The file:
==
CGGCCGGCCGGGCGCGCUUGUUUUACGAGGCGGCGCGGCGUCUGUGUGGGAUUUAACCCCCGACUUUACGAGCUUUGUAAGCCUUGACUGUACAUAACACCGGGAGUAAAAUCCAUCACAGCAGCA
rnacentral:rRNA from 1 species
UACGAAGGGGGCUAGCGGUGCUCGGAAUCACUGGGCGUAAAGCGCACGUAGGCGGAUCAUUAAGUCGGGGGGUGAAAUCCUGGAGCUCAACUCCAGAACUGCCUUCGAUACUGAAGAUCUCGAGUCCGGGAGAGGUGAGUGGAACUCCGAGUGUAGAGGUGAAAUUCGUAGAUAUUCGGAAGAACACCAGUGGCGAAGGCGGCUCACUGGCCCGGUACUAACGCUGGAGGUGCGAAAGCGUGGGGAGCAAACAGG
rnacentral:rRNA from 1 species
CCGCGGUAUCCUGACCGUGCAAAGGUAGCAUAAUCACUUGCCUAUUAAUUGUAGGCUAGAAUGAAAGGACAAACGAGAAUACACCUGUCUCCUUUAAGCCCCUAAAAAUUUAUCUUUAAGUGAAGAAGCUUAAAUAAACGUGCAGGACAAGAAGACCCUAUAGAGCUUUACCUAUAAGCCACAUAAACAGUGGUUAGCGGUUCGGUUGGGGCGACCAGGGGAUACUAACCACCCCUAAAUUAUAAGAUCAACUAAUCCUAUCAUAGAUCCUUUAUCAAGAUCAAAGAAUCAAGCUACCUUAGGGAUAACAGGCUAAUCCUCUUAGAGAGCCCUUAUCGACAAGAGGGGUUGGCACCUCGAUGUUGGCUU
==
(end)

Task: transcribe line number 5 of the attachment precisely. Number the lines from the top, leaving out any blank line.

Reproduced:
CCGCGGUAUCCUGACCGUGCAAAGGUAGCAUAAUCACUUGCCUAUUAAUUGUAGGCUAGAAUGAAAGGACAAACGAGAAUACACCUGUCUCCUUUAAGCCCCUAAAAAUUUAUCUUUAAGUGAAGAAGCUUAAAUAAACGUGCAGGACAAGAAGACCCUAUAGAGCUUUACCUAUAAGCCACAUAAACAGUGGUUAGCGGUUCGGUUGGGGCGACCAGGGGAUACUAACCACCCCUAAAUUAUAAGAUCAACUAAUCCUAUCAUAGAUCCUUUAUCAAGAUCAAAGAAUCAAGCUACCUUAGGGAUAACAGGCUAAUCCUCUUAGAGAGCCCUUAUCGACAAGAGGGGUUGGCACCUCGAUGUUGGCUU